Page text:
Monday, December 19, 2022

Can we help a leader of the “child welfare” establishment master one of the grand challenges for social work?

Yesterday, in a post about “child welfare” and the moral bankruptcy of social work, I noted that Alan Detlaff of the University of Houston, who has dedicated his career to fighting racism in family policing (a more accurate term than “child welfare”) had been ousted as the Dean of the university’s Graduate College of Social Work. 

I wrote that 

I have no doubt he could have kept that deanship if he’d simply used the playbook perfected by another social work dean, Richard Barth at the University of Maryland: proclaim social work so inherently superior to every other profession that it has eradicated all racism from decision making in child welfare.  Think I’m kidding?  Take a look.  

I didn’t quite get that right.  Barth also is no longer a dean.  But he wasn’t ousted – he went on to another exalted position: Chair of the Executive Committee of something called “Grand Challenges for Social Work.” 

But it hasn’t all been rosy for Barth.  The life’s work of Barth and other well-meaning social workers who have done so much to build, maintain and expand the child welfare surveillance state has come under increasing scrutiny for the enormous harm it’s done to children.  As that has happened, Barth has become increasingly frantic on Twitter, most recently resorting to fearmongering and taking study findings out of context.  Here’s something he tweeted on Dec. 17: 

Schneiderman's 2021 paper found Infants reported for alleged [child maltreatment] had a 2Xs higher risk of death from medical causes, in 1 year! [Foster care] cut risk by 1/2 

As you read on, note that this is a study not of child abuse deaths, but of deaths due to diseases. 

Barth does not link to the study, (which is available in full here) so it would be understandable if people thought “Oh my God!  We have to rush more infants into foster care – it’s the only way to save them from getting fatal diseases!”  But even the authors of the study itself don’t say anything like that.  And the real lessons from the study are very different.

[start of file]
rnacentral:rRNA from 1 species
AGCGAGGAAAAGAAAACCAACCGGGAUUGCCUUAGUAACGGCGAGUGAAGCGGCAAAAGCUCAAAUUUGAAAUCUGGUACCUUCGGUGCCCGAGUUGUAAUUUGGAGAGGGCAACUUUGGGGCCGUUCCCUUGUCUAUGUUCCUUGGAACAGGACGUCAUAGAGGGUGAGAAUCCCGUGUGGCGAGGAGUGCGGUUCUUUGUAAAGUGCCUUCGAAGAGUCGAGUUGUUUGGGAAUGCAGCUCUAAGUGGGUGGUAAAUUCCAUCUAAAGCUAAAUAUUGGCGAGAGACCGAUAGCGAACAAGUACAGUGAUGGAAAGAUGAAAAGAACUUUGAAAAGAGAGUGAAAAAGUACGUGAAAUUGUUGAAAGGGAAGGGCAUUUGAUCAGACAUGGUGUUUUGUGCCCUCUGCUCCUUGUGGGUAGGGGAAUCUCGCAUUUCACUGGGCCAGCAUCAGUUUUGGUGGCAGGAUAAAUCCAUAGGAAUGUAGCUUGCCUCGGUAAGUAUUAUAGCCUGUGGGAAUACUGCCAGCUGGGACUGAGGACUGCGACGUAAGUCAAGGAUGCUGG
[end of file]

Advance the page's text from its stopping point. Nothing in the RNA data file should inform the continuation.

So let’s look at the things about this study that Barth doesn’t mention: 

● The study compares death rates due to disease in an overwhelmingly poor population – children reported to family police agencies -- to the general population.  So what the study really tells us is that poor infants are more at risk of death due to medical causes than children who are not poor.  No kidding. 

● As for the improvement among children in foster care – they are now in homes with wealthier parents and better access to medical care.  You don’t suppose … ? 

● Barth’s summary uses a common fearmongering tactic: High ratios without mentioning the raw numbers.  

Barth leaves the impression of massive risk of death for infants reported to the family police if they’re not rushed into foster care.  In fact, the study found that among the general population during the study period 99.97% did not die.  Among the infants reported as maltreated 98.97% did not die.  

That makes such deaths no less tragic, but it does change how we should go about trying to stop them.  If anything, the study finding is one more indication that there’s a whole lot of false reporting and needless investigating going on, traumatizing families and overwhelming workers.  If you didn’t do that, workers might actually have a better chance of finding the 0.13% of children at greatest risk in time.  

● Implying that it’s a good idea to throw even more children into foster care puts them at high risk of another harm: abuse in foster care. 

The authors of the study themselves explicitly reject the implication that their findings call for more use of foster care. (If you missed that, Prof. Barth, it’s on page 6, column 3 of the .pdf version.) 

So I would like to thank the study authors for bolstering the case against mandatory reporting, needless foster care and confusing poverty with neglect, and bolstering the case for making sure poor families can get the same high-quality health care as middle-class and wealthy families. 

Oh, and here’s a truly grand challenge for social work: helping Prof. Barth better understand the studies he cites.